The delusion of economic 'recovery'

The notion of 'recovery' assumes we can return to business as usual. We can't

Hamish McRae is one of the few economic commentators to emerge from the financial crisis with his reputation enhanced but his column on 'recovery' in today's Independent falls foul of a common delusion.

The whole notion of 'recovery' is predicated on the belief that the current economy can return to its previous heights. But the current economy cannot return to the methods that triggered the crisis in the first place.

The springs of wealth, as Marx called them, will only flow more abundantly with the birth of a new economy not with the resurrection of the old.

Elsewhere in the piece, McRae reflects the new consensus that a mixture of spending cuts and tax rises is needed to plug the deficit. He writes:

"We should probably expect some kind of temporary increase in income tax, and not just for top earners. And other smaller taxes will go up too."

There is certainly scope to increase the basic rate of tax, which currently stands at 20 per cent, its lowest level for 75 years. But both Labour and the Conservatives will surely want to avoid this politically toxic option.

A far better choice is to raise taxation on unearned income, notably inheritance and capital gains. The Conservative pledge to raise the inheritance tax threshold to £1million appears increasingly unsustainable and Labour should also now reverse its decision to raise the threshold to £600,000.

There is a strong, meritocratic case for increasing inheritance tax and it is one best articulated by Warren Buffet and other US entrepreneurs.

Buffet is keenly aware that dynastic wealth saps initiative and productivity and as such has pledged not to leave a significant proportion of his fortune to his children.

As he once noted: "I want to give my kids just enough so that they would feel that they could do anything, but not so much that they would feel like doing nothing".

A coalition of 120 American billionaires successfully campaigned against the abolition of the 'death tax' in the US. We desperately need a similar coalition to throw their weight behind inheritance tax here.

George Eaton is political editor of the New Statesman.

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France to bulldoze Calais Jungle days after child refugees arrive in the UK

The camp houses thousands. 

Refugees and migrants in Calais began queuing up for buses this morning as the French authorities plan to demolish the "Jungle" camp.

But activists fear that, unless France significantly speeds up its asylum process, the displaced people will simply move to other camps along the northern French coast.

Meanwhile, the first children of Calais brought to the UK under the Dubs Amendment arrived at the weekend.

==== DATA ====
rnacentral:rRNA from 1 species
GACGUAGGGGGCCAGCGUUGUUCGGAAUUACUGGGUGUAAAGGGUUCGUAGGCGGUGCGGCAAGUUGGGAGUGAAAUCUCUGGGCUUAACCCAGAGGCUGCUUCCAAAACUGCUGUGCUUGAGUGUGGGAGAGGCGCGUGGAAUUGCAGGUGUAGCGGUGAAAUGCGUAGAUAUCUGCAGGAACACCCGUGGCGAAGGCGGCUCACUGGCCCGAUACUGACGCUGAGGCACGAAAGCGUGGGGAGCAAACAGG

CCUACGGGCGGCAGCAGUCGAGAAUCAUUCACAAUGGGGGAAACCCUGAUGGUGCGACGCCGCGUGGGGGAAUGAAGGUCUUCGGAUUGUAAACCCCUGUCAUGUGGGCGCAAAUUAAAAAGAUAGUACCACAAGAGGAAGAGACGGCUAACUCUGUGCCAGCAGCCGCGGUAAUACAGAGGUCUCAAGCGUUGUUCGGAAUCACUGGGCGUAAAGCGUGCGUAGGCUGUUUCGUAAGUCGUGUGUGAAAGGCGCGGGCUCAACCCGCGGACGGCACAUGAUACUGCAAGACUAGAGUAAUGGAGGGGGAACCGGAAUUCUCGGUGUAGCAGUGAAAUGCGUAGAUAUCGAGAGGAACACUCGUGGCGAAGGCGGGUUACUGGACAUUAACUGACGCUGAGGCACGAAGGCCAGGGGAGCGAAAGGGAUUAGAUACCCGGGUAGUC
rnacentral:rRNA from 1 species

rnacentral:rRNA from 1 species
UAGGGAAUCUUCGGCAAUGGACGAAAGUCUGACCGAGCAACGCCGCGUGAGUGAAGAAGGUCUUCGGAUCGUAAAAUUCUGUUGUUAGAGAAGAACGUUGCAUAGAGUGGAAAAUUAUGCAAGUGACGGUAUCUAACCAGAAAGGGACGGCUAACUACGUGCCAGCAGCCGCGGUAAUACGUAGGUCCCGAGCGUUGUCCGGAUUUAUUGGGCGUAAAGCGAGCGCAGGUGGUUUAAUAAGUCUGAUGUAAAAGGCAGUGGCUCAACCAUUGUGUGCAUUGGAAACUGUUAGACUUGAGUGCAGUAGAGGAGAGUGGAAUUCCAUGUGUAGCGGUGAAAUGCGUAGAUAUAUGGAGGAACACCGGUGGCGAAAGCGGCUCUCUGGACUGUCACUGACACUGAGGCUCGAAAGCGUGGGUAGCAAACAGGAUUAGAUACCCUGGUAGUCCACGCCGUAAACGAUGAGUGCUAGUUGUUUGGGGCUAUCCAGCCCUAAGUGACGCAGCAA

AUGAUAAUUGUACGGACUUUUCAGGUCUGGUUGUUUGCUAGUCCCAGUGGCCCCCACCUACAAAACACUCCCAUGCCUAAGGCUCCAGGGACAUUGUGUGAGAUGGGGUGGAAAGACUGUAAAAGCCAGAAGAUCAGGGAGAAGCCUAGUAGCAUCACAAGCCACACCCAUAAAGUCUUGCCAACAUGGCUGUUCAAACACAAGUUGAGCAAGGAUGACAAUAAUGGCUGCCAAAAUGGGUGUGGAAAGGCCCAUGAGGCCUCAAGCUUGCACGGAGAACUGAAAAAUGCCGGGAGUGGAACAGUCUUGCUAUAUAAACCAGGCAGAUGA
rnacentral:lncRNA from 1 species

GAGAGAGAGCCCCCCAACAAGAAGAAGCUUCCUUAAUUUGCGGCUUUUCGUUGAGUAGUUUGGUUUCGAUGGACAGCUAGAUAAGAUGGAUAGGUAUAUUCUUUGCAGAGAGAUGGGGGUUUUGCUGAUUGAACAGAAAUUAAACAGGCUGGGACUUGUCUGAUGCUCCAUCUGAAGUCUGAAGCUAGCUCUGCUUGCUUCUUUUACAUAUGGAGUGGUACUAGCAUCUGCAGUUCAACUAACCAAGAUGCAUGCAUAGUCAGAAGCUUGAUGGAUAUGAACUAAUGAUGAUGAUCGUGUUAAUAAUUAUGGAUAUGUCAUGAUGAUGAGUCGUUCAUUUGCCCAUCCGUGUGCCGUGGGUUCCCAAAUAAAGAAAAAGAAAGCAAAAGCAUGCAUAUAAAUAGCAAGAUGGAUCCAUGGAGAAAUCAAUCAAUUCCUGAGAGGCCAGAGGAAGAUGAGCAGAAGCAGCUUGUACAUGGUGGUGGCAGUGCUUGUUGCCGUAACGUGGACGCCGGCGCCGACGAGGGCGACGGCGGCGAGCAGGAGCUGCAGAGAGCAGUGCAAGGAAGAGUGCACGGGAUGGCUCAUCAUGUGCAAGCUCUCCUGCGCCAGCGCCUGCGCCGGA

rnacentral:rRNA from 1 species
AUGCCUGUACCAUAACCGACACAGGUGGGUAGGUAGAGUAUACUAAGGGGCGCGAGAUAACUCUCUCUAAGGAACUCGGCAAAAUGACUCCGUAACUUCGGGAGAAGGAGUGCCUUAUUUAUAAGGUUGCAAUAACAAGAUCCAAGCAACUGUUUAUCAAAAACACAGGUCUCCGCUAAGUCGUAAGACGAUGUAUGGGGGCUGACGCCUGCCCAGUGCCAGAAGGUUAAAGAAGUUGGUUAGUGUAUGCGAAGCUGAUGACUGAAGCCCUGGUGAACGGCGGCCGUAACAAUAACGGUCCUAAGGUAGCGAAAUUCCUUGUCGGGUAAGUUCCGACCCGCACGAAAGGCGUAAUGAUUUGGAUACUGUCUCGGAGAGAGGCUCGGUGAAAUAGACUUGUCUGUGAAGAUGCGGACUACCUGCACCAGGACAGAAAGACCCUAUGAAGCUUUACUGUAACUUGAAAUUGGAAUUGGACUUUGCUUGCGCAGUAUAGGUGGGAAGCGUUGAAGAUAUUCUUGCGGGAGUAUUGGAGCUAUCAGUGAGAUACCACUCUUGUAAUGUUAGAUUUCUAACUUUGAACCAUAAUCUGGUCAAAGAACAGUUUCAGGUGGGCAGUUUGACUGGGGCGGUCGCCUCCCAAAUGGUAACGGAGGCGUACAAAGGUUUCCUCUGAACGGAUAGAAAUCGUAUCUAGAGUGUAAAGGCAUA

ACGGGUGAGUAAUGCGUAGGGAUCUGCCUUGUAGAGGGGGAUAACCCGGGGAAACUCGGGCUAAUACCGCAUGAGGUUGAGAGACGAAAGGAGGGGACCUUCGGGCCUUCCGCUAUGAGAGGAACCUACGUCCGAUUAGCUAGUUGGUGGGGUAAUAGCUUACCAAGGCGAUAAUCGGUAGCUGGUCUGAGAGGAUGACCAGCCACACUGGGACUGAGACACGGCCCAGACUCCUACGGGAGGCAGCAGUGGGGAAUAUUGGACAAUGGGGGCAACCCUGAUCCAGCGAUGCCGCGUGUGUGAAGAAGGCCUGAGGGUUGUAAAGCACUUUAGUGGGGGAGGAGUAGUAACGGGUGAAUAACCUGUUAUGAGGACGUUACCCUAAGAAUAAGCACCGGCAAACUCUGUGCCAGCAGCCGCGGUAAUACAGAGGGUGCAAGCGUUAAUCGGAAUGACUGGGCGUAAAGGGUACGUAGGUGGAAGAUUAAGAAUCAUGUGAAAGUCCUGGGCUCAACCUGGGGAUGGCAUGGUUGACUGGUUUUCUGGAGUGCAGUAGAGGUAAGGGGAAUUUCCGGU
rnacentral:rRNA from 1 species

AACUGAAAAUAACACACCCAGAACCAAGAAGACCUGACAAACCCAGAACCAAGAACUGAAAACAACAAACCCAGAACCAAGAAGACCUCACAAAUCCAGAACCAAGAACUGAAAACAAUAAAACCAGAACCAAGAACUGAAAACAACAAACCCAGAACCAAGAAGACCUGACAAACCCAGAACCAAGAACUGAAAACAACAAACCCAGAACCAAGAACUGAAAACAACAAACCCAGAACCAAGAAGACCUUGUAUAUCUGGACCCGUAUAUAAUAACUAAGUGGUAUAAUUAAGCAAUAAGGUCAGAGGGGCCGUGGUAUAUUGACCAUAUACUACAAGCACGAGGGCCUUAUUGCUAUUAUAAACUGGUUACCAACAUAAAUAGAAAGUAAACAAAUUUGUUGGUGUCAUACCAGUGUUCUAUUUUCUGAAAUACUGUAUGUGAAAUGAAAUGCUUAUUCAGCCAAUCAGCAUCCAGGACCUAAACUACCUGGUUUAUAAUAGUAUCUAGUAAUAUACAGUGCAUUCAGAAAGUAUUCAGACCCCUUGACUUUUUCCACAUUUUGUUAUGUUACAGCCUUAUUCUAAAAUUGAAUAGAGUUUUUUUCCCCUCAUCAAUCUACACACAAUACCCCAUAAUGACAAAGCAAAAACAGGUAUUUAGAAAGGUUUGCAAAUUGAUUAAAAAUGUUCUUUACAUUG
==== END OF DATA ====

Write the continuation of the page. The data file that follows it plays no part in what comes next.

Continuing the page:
The camp known as the Jungle, in a wasteland by the port of Calais, is actually the latest manifestation in a series of camps established since 1999, when a French reception centre became too crowded.

However, it has swelled as a result of the refugee crisis, and attempts by residents to sneak onto lorries entering the Channel Tunnel have become daily occurences. The French authorities bulldozed part of it earlier this year.

Ahead of the latest demolishment, which is expected to happen on Tuesday, Clare Moseley, founder of Care4Calais, said: “In February this year over 50 per cent of the camp was demolished and yet six months later the camp is bigger than it has ever been before. 

"This is clear evidence that demolitions do not act as a deterrent.  The refugees come because they have no choice."

Future refugees will go to other camps with even less facilities, she warned.

The camp houses thousands of residents, but because of the authorities' unwillingness to legitimise it, there is no official presence. Instead, the residents must rely on volunteer aid services and have little means to stop intruders entering. 

Although conditions in the camp can be dire, residents have created a high street with basic tent shops and restaurants catering to the needs of its displaced population. Many of those in the camp say they are there because they hope to be reunited with family in Britain, or they have given up on ever being processed by the French authorities. 

After the UK government was pressurised into passing the Dubs Amendment, which provides sanctuary to unaccompanied child refugees, some children from the camp have arrived in the UK. The first group is reportedly mostly girls from Eritrea, who will be processed at a UK immigration centre.

One of the MPs crucial to ensuring the Dubs Amendment delivered, Stella Creasy, said many more still needed help. 

Children reunited with their families under the Dublin Convention arrived in the UK last week, although their arrival was overshadowed by a debate over age checks.  

Julia Rampen is the editor of The Staggers, The New Statesman's online rolling politics blog. She was previously deputy editor at Mirror Money Online and has worked as a financial journalist for several trade magazines.